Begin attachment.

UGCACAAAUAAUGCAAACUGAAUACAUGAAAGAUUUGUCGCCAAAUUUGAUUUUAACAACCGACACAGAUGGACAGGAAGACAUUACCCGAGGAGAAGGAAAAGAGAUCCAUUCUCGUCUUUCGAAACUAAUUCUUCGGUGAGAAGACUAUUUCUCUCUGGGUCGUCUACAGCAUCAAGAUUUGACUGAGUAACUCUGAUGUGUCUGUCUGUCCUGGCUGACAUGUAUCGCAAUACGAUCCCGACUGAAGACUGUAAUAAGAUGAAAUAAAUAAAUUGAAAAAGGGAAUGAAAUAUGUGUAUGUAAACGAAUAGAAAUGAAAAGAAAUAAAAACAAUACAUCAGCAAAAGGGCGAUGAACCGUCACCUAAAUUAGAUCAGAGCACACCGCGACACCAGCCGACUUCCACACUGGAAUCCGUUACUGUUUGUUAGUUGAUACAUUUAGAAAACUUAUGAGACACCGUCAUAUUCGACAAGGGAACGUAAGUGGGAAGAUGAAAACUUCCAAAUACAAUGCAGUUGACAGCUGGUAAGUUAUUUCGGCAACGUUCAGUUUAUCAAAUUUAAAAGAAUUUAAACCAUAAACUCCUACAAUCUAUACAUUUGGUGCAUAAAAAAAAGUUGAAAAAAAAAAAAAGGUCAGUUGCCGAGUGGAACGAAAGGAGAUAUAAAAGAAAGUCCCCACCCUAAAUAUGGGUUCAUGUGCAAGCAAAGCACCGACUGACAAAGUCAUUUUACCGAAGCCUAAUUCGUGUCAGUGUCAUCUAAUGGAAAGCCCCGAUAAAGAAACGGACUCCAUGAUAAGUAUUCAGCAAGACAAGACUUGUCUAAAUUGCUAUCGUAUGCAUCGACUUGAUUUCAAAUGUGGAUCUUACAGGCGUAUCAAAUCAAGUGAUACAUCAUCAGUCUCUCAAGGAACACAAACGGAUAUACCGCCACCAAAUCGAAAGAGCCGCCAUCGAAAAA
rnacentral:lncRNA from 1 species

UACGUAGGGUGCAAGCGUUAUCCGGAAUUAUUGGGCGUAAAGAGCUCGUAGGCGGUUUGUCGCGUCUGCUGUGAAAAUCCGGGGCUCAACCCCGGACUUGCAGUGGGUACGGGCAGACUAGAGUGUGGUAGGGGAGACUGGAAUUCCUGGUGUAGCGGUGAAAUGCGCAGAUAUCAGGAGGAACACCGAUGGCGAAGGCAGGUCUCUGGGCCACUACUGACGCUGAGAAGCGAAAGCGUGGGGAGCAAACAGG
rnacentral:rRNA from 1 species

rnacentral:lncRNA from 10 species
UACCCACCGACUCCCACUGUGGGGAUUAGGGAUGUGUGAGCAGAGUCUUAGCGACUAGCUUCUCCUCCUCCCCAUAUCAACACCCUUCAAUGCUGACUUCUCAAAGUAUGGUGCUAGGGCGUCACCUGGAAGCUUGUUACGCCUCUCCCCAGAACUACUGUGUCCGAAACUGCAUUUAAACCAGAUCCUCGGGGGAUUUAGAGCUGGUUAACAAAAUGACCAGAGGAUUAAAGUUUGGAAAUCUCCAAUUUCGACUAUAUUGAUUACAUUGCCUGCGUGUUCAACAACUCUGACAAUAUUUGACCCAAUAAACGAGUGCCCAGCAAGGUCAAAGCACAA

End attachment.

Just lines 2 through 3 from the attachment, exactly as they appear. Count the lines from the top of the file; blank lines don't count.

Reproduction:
rnacentral:lncRNA from 1 species

UACGUAGGGUGCAAGCGUUAUCCGGAAUUAUUGGGCGUAAAGAGCUCGUAGGCGGUUUGUCGCGUCUGCUGUGAAAAUCCGGGGCUCAACCCCGGACUUGCAGUGGGUACGGGCAGACUAGAGUGUGGUAGGGGAGACUGGAAUUCCUGGUGUAGCGGUGAAAUGCGCAGAUAUCAGGAGGAACACCGAUGGCGAAGGCAGGUCUCUGGGCCACUACUGACGCUGAGAAGCGAAAGCGUGGGGAGCAAACAGG